The second issue, if you wish to overnight, is camping availability. Pirates Cove is not on the provincial park reservation system, as most provincial parks have become, but rather designated as backcountry camping. Despite that designation, it is most assuredly not. There are six designated camping sites up a stairway on a bluff away from the waterfront. Previously a much larger string of sites was wet along the opposite side of the cove, but those were closed and the capacity greatly reduced, ostensibly to console neighbouring property owners who complained of the noise (the risk of a beautiful waterfront location next to a beautiful park, one can suppose. No matter how privileged your situation, one can always find reason to complain, it seems).

As other provincial parks and national parks switch to reservation systems, the options for spur-of-the-moment getaways continue to decrease. One example is another great kayaking destination from Victoria: Sidney Spit Provincial Park. It too went through a change in campsite locations moving them away from the waterfront. This was done for environmental reasons, which is commendable in a sense, except that day use continues the degradation.

For actual waterfront camping locations, you will have to keep searching farther and farther afield -- if you can get to them. Take the Broughton Archipelago, one of the great kayaking destinations less so for the islands but more for the killer whales transiting that stretch of Johnstone Strait each summer. There are essentially three access points to the entire region: the private launch at Telegraph Cove beset with extremely high use and fees for both launching and parking; Naka Creek, which can be difficult to reach and is away from the main attractions; or Port McNeill, which is also distant enough to make it significantly less than ideal.

Given Telegraph Cove has little capacity to deal with the thousands who want to visit, the result is a bottleneck that will only get increasingly worse.

On the west coast of Vancouver Island, entire regions have often single points of access for kayakers. Take for instance Nootka Sound. The main access point to the central sound is Cougar Creek, a congested provincial recreation site. From there options diminish rapidly and eventually peter out altogether.

In urban areas, the parking congestion is the primary consideration. Choices may exist, but limits to overnight parking or even outright restrictions can often lead to kayakers skirting the rules by seeking out obscure and distant locations. The latest example is Tofino, the single gateway to Clayoquot Sound, which has instituted pay parking but limited overnight parking to one central location where parking is already at a premium. Because this parking lot can also be used for day parking, it fills quickly. The only alternative, then, is to unload your kayak and gear then drive to some distant location along a rural road that hopefully you can find without parking restrictions, then make your way back to the launch.

The problem is there are few better answers for situations like this. Too many people, limited public waterfront access points and limited infrastructure. All combined it is becoming a universal issue.

My favorite example is the best launch site for access to Surge Narrows on Quadra Island: Hoskyn Channel. It was always a terrible launch -- a steep dirt road where backing down would likely end in a burned out transmission trying to drive back up. This site is used by locals of the Surge Narrows community, the residents of the adjacent island areas, so they feel a privileged right to the limited parking. Add the creation of a waterfront trail, resulting in the new user group of hikers using the same parking, and you have even greater congestion. The end result is the locals rallied against the concept of a Discovery Islands Marine Trail (a feasibility study for a project of which I was also project manager), and ended up killing its creation. The irony is the marine trail would have addressed access issues and likely led to more facilities or directed paddlers appropriately, but now instead we have multiple user groups vying for the same public spaces in competition. That outcome was the ideal ending for no one, even if the locals feel they chased the kayakers away. They did not. They just left them to fight for the same space as before.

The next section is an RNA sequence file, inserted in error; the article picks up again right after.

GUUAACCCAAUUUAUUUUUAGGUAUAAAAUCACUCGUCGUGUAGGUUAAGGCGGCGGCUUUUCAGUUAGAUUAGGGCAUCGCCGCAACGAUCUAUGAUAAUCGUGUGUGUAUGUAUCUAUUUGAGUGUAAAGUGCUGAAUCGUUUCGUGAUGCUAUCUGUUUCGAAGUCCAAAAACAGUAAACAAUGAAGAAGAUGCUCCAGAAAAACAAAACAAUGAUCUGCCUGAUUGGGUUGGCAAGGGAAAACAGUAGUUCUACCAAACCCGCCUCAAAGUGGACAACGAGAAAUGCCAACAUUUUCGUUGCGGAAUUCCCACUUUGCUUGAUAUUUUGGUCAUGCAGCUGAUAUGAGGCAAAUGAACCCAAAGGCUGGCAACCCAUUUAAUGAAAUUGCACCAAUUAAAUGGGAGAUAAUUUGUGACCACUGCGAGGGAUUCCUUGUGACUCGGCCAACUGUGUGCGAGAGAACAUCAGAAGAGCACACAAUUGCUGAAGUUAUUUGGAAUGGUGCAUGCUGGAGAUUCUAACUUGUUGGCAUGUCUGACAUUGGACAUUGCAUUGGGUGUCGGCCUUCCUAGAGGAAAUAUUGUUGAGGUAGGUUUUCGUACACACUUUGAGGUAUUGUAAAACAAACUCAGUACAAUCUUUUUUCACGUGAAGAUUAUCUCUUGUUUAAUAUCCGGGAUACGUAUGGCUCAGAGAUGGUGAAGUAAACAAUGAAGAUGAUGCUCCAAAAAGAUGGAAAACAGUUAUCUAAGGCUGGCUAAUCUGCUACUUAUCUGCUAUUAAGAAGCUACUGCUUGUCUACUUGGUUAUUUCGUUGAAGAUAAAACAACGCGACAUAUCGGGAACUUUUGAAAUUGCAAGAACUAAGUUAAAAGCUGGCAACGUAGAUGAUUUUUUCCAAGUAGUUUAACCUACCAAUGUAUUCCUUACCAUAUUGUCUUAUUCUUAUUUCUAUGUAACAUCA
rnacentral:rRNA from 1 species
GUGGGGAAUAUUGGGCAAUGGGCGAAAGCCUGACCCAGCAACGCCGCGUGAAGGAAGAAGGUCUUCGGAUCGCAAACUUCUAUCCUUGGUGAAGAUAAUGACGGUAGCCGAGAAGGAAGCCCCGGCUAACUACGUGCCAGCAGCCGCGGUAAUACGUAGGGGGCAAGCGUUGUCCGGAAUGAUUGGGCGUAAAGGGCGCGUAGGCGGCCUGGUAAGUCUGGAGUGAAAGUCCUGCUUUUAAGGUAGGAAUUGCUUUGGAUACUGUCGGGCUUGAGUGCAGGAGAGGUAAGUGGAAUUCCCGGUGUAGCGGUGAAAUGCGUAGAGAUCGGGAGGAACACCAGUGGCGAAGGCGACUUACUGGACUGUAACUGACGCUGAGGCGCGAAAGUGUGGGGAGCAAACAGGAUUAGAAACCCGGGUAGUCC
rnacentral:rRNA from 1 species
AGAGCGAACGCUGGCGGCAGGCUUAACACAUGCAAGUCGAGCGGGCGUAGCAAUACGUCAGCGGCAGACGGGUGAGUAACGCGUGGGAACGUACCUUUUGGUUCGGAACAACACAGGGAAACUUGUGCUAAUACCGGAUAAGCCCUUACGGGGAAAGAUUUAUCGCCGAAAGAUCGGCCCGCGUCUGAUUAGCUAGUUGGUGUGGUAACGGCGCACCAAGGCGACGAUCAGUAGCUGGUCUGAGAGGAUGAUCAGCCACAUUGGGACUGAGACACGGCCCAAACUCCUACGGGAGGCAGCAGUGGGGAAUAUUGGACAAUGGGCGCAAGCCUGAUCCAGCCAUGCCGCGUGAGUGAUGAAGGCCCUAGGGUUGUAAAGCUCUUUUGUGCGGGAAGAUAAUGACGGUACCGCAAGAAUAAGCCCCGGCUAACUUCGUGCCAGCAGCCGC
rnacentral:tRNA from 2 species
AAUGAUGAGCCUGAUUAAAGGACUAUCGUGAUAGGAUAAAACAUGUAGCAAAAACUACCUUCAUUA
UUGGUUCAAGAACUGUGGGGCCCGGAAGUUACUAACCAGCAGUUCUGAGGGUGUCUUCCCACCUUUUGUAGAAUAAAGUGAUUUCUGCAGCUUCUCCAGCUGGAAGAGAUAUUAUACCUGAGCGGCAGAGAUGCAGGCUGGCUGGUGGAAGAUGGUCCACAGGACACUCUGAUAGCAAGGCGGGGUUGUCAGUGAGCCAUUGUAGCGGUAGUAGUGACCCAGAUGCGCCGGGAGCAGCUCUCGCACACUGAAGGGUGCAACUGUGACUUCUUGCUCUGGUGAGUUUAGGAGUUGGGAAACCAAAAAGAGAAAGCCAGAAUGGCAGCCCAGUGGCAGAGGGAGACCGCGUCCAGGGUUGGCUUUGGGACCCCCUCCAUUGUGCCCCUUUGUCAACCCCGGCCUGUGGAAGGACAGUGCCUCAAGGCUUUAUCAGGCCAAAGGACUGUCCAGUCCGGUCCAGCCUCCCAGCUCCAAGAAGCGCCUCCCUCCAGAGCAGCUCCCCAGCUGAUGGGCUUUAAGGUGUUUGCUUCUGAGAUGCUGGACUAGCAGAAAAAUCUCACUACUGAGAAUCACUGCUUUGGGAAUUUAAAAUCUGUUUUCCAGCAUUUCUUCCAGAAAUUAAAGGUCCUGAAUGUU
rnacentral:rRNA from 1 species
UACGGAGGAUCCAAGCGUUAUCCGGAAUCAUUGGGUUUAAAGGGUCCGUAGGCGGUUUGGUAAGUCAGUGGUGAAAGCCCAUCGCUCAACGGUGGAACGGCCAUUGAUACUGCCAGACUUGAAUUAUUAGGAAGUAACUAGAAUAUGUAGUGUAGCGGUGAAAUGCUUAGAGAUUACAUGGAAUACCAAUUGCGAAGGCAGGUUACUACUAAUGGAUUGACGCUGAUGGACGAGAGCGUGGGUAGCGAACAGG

I don't want to leave everyone feeling it is hopeless. It is not. There are several remedies available.

1. Time your visit appropriately. Mondays to Fridays are always better than weekends for launching or landing. Off-season weeks are always better than the peak summer weeks in July and August.

2. Research where you want to go. Know the parking restrictions and best practices for visiting before setting out. Don't be blindsided by not being aware of the demands on the location and the expected high level of use before you arrive. Seek out designated areas for kayaking launches that provide ample parking and space for use. Cowichan Bay, Nanaimo and Ucluelet have designated paddle launch sites. This is a huge step forward and a reason to visit these locations in preference to many others to support these initiatives.

3. Support BC Marine Trails. This organization is working to represent the interests of kayakers in terms of public use of public spaces. Since I can point to almost all restrictions in this regard in recent years being done without representation of the kayaking community, their work is paramount. Join them at bcmarinetrails.org.

John Kimantas is author of numerous kayaking and coastal guide books and owner/operator of Wild Coast Publishing.